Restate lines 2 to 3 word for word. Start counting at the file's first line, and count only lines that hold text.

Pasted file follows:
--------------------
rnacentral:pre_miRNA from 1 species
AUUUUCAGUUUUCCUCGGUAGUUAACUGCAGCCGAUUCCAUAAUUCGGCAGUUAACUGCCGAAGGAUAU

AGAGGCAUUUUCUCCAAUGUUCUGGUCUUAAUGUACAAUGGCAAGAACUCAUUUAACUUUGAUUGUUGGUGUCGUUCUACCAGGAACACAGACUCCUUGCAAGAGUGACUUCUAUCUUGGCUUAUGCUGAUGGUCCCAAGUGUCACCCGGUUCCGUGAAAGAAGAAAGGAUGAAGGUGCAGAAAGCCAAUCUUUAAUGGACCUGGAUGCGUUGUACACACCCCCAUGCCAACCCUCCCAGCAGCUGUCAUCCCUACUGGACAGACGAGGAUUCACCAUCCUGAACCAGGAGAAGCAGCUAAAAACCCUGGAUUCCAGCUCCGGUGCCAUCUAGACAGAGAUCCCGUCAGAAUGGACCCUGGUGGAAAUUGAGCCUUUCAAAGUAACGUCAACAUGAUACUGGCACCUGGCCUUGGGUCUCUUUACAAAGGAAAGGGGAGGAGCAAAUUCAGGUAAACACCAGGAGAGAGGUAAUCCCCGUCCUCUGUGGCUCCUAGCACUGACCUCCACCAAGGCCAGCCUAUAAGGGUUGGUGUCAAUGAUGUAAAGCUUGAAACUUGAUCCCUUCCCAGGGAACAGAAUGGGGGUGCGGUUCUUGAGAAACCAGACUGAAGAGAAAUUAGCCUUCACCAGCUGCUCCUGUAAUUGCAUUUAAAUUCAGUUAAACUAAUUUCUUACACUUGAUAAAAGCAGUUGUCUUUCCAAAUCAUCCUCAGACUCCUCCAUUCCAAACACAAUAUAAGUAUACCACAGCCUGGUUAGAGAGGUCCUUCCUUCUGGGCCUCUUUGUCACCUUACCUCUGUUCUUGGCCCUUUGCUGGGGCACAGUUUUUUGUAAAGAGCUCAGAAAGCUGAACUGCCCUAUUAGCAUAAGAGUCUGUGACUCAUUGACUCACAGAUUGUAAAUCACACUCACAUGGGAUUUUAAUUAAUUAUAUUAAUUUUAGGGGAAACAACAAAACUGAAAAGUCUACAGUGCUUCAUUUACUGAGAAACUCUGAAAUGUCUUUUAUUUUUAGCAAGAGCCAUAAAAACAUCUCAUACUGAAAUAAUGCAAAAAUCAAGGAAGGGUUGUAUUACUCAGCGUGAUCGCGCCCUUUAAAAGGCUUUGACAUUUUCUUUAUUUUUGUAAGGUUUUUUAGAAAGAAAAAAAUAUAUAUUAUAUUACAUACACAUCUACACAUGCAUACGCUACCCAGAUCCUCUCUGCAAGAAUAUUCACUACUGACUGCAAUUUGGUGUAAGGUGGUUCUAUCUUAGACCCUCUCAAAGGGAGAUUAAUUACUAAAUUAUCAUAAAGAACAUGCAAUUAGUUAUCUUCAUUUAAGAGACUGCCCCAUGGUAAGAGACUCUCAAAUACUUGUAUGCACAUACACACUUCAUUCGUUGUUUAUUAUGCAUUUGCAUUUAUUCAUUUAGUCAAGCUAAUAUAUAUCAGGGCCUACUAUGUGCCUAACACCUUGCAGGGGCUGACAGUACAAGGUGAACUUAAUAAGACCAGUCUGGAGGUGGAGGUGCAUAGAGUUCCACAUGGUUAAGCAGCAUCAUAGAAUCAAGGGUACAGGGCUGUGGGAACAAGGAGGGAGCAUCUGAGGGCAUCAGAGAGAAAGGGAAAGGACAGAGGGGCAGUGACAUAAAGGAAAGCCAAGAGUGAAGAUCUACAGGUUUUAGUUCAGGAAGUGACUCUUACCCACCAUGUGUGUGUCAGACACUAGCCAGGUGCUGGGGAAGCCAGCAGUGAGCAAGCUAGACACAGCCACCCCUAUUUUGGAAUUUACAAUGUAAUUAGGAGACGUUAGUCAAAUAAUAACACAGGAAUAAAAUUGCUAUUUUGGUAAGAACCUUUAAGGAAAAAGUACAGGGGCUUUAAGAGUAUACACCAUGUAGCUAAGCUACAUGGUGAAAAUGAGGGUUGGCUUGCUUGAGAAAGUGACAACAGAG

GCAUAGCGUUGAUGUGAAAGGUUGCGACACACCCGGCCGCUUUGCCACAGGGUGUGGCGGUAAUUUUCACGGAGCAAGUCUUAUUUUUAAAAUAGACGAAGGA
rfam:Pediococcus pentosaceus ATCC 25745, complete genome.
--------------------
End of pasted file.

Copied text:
AUUUUCAGUUUUCCUCGGUAGUUAACUGCAGCCGAUUCCAUAAUUCGGCAGUUAACUGCCGAAGGAUAU

AGAGGCAUUUUCUCCAAUGUUCUGGUCUUAAUGUACAAUGGCAAGAACUCAUUUAACUUUGAUUGUUGGUGUCGUUCUACCAGGAACACAGACUCCUUGCAAGAGUGACUUCUAUCUUGGCUUAUGCUGAUGGUCCCAAGUGUCACCCGGUUCCGUGAAAGAAGAAAGGAUGAAGGUGCAGAAAGCCAAUCUUUAAUGGACCUGGAUGCGUUGUACACACCCCCAUGCCAACCCUCCCAGCAGCUGUCAUCCCUACUGGACAGACGAGGAUUCACCAUCCUGAACCAGGAGAAGCAGCUAAAAACCCUGGAUUCCAGCUCCGGUGCCAUCUAGACAGAGAUCCCGUCAGAAUGGACCCUGGUGGAAAUUGAGCCUUUCAAAGUAACGUCAACAUGAUACUGGCACCUGGCCUUGGGUCUCUUUACAAAGGAAAGGGGAGGAGCAAAUUCAGGUAAACACCAGGAGAGAGGUAAUCCCCGUCCUCUGUGGCUCCUAGCACUGACCUCCACCAAGGCCAGCCUAUAAGGGUUGGUGUCAAUGAUGUAAAGCUUGAAACUUGAUCCCUUCCCAGGGAACAGAAUGGGGGUGCGGUUCUUGAGAAACCAGACUGAAGAGAAAUUAGCCUUCACCAGCUGCUCCUGUAAUUGCAUUUAAAUUCAGUUAAACUAAUUUCUUACACUUGAUAAAAGCAGUUGUCUUUCCAAAUCAUCCUCAGACUCCUCCAUUCCAAACACAAUAUAAGUAUACCACAGCCUGGUUAGAGAGGUCCUUCCUUCUGGGCCUCUUUGUCACCUUACCUCUGUUCUUGGCCCUUUGCUGGGGCACAGUUUUUUGUAAAGAGCUCAGAAAGCUGAACUGCCCUAUUAGCAUAAGAGUCUGUGACUCAUUGACUCACAGAUUGUAAAUCACACUCACAUGGGAUUUUAAUUAAUUAUAUUAAUUUUAGGGGAAACAACAAAACUGAAAAGUCUACAGUGCUUCAUUUACUGAGAAACUCUGAAAUGUCUUUUAUUUUUAGCAAGAGCCAUAAAAACAUCUCAUACUGAAAUAAUGCAAAAAUCAAGGAAGGGUUGUAUUACUCAGCGUGAUCGCGCCCUUUAAAAGGCUUUGACAUUUUCUUUAUUUUUGUAAGGUUUUUUAGAAAGAAAAAAAUAUAUAUUAUAUUACAUACACAUCUACACAUGCAUACGCUACCCAGAUCCUCUCUGCAAGAAUAUUCACUACUGACUGCAAUUUGGUGUAAGGUGGUUCUAUCUUAGACCCUCUCAAAGGGAGAUUAAUUACUAAAUUAUCAUAAAGAACAUGCAAUUAGUUAUCUUCAUUUAAGAGACUGCCCCAUGGUAAGAGACUCUCAAAUACUUGUAUGCACAUACACACUUCAUUCGUUGUUUAUUAUGCAUUUGCAUUUAUUCAUUUAGUCAAGCUAAUAUAUAUCAGGGCCUACUAUGUGCCUAACACCUUGCAGGGGCUGACAGUACAAGGUGAACUUAAUAAGACCAGUCUGGAGGUGGAGGUGCAUAGAGUUCCACAUGGUUAAGCAGCAUCAUAGAAUCAAGGGUACAGGGCUGUGGGAACAAGGAGGGAGCAUCUGAGGGCAUCAGAGAGAAAGGGAAAGGACAGAGGGGCAGUGACAUAAAGGAAAGCCAAGAGUGAAGAUCUACAGGUUUUAGUUCAGGAAGUGACUCUUACCCACCAUGUGUGUGUCAGACACUAGCCAGGUGCUGGGGAAGCCAGCAGUGAGCAAGCUAGACACAGCCACCCCUAUUUUGGAAUUUACAAUGUAAUUAGGAGACGUUAGUCAAAUAAUAACACAGGAAUAAAAUUGCUAUUUUGGUAAGAACCUUUAAGGAAAAAGUACAGGGGCUUUAAGAGUAUACACCAUGUAGCUAAGCUACAUGGUGAAAAUGAGGGUUGGCUUGCUUGAGAAAGUGACAACAGAG